Peripheral blood stem cell (PBSC) transplantation is a type of
rescue treatment of cancer is therapy that "rescues" the immune system and the blood-forming cells in the bone marrow from the damaging side effects (such as myelosuppressive side effects) of high-dose chemotherapy.
Peripheral blood stem cell (PBSC) transplantation is a treatment that is being studied in clinical trials for breast cancer.
Sometimes breast cancer becomes resistant to treatment with radiation therapy or normal doses of chemotherapy drugs. High doses of chemotherapy can destroy the immune cells in the bone marrow. Therefore, PBSCs are taken from the patient before high-dose chemotherapy treatment.
In order to obtain PBSCs, a patientís blood is passed through a machine that removes the stem cells (immature cells from which all blood cells develop) from the blood and then returns the blood back to the patient. This procedure is called leukapheresis, and the process usually takes 3 or 4 hours to complete. The PBSCs obtained by leukopheresis are treated with chemotherapy drugs in the laboratory to kill any cancer cells that might be present. Next, the treated (ďpurgedĒ) PBSCs are frozen for later use.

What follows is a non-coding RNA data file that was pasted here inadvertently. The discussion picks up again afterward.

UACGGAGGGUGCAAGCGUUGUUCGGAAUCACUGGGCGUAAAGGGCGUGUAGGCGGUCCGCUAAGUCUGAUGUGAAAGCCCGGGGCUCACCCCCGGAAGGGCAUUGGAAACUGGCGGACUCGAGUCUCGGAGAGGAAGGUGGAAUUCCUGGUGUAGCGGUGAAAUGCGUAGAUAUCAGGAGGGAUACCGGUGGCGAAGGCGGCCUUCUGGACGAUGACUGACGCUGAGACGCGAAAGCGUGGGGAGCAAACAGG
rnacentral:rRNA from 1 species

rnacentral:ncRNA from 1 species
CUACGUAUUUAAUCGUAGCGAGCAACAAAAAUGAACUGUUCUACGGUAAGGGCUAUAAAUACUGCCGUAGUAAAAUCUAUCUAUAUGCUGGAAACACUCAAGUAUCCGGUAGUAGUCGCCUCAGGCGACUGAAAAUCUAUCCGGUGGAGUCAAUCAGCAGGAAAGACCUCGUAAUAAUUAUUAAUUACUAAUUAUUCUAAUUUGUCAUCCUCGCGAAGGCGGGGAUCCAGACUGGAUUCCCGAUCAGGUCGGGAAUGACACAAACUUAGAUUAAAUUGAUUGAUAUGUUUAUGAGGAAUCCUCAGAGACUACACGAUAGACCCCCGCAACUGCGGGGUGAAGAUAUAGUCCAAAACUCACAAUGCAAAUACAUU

Very high doses of chemotherapy with or without radiation therapy may then be used to treat the breast cancer. The frozen PBSCs are then thawed and injected back into the same patient to replace the marrow that was destroyed by the chemotherapy. This type of transplant is an autologous transplant. PBSC transplantation may be done alone or with an autologous bone marrow transplant.